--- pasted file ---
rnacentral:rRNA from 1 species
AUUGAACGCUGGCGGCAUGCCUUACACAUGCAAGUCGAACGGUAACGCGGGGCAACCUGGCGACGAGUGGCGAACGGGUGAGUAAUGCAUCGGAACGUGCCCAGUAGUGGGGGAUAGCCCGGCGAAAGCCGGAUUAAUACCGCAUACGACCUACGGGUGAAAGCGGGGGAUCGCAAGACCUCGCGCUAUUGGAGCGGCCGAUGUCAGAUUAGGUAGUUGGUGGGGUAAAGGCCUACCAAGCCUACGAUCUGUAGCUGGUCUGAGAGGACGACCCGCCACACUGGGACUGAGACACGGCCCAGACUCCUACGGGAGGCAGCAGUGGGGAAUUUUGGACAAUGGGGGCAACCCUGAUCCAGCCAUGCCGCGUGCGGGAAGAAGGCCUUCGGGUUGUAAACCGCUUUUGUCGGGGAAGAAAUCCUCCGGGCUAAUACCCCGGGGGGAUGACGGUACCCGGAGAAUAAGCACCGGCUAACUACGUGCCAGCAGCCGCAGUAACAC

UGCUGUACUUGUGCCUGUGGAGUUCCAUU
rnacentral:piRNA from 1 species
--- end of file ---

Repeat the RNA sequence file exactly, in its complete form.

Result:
rnacentral:rRNA from 1 species
AUUGAACGCUGGCGGCAUGCCUUACACAUGCAAGUCGAACGGUAACGCGGGGCAACCUGGCGACGAGUGGCGAACGGGUGAGUAAUGCAUCGGAACGUGCCCAGUAGUGGGGGAUAGCCCGGCGAAAGCCGGAUUAAUACCGCAUACGACCUACGGGUGAAAGCGGGGGAUCGCAAGACCUCGCGCUAUUGGAGCGGCCGAUGUCAGAUUAGGUAGUUGGUGGGGUAAAGGCCUACCAAGCCUACGAUCUGUAGCUGGUCUGAGAGGACGACCCGCCACACUGGGACUGAGACACGGCCCAGACUCCUACGGGAGGCAGCAGUGGGGAAUUUUGGACAAUGGGGGCAACCCUGAUCCAGCCAUGCCGCGUGCGGGAAGAAGGCCUUCGGGUUGUAAACCGCUUUUGUCGGGGAAGAAAUCCUCCGGGCUAAUACCCCGGGGGGAUGACGGUACCCGGAGAAUAAGCACCGGCUAACUACGUGCCAGCAGCCGCAGUAACAC

UGCUGUACUUGUGCCUGUGGAGUUCCAUU
rnacentral:piRNA from 1 species